CHAPEL HILL, N.C. — It's not often you hear laughs and excitement coming from the four walls of a hospital room. But at UNC Children's Hospital, Wonder Connection is making that happen. 


What You Need To Know

  • The program brings hands-on science and nature activities to patients at UNC Children's Hospital  
  • Katie Stoudemire founded Wonder Connection in 2006


Wonder Connection is a nonprofit organization that brings hands-on science and nature activities to the hospital rooms of kids and teens. 

Katie Stoudemire founded the program in 2006. 

"I noticed kids in the hospital didn't have access to hands-on science activities, and that they were isolated from nature and wanted to try to connect kids in the hospital with engaging activities," Stoudemire said. 

JoJo Traverse makes a plaster volcano during Wonder Connection visit.

Whether it's making plaster volcanoes or slime, Wonder Connection offers a menu of different activities for pediatric inpatients ages 4 to 18. 

"That's a gift to them because when you're in the hospital, you don't often get to choose who comes into your room," Stoudemire said. 

For 5-year-old JoJo Traverse, painting a bird house is a distraction from his chemotherapy treatment. 

Traverse has been receiving treatment at UNC Children's Hospital since 2018 for neuroblastoma, a rare childhood cancer. 

"When they can't get out of bed, they can't go to the play room, or walk around the hallway, it brings these hands on activities. He is definitely a texture guy, so it gives him something to look forward too instead of just watching TV all day," Kim Traverse, JoJo's mom, said. 

Wonder Connection is run by three staff members and 15 volunteers, who serve kids at the hospital several days a week. They receive training from the program and UNC Hospital.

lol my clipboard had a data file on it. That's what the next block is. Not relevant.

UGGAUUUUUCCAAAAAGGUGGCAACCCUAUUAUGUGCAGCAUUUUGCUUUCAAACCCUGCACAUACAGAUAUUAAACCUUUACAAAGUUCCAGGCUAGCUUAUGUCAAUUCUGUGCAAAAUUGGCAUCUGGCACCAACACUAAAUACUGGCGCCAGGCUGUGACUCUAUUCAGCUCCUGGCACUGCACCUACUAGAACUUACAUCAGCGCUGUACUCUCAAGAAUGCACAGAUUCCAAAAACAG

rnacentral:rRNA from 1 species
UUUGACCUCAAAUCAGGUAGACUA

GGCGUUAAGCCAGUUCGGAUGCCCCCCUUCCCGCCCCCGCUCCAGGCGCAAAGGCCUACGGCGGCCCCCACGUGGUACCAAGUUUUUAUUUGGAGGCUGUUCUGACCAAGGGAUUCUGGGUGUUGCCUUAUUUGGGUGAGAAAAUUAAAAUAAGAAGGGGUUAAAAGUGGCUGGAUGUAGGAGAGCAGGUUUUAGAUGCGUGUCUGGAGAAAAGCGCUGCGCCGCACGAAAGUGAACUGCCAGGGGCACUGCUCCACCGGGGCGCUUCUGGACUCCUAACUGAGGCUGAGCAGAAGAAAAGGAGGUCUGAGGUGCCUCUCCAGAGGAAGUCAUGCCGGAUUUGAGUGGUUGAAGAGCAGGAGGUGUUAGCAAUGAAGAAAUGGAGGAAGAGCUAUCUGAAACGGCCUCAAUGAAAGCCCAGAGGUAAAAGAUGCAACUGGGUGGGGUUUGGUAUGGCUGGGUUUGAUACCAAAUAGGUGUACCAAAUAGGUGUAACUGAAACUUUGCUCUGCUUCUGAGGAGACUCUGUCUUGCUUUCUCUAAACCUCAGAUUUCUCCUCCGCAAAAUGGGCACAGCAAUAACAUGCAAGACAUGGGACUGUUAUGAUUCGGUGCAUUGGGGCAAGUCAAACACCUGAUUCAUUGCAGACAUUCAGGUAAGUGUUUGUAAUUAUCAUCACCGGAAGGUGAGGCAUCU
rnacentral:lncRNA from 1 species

"We get a list of patients that are here, they go to the patient's room and ask if they want to participate," Stoudemire said. 

Madi Negron is the program director for Wonder Connection, and has been working with the organization for two years. 

"I love working with kids and I love anything nature and plant related. This is the perfect position to merge them both together and just hangout with kids," Negron said. 

The children they work with are typically hospitalized for infinite periods of time. Their diagnoses include cystic fibrosis, sickle cell anemia, cancer, traumatic brain injuries and more. 

"They are still kids, and they want to be treated more [than] as just a diagnosis or prognosis, so for me it's really fun to get to know what they are interested in, what do they like, who are they as people," Stoudemire said. 

Wonder Connection also works with kids and teens in the psychiatric inpatient at the N.C. Neurosciences Hospital and serves families living at the Ronald McDonald Houses in the Triangle area. 

Recently, children in the Wonder Connection Program participated in creating a design for the N.C. Museum of Art's 2022 Art In Bloom Festival. 

Wonder Connection relies on donations to make the program possible. For more information on how you can help, click here.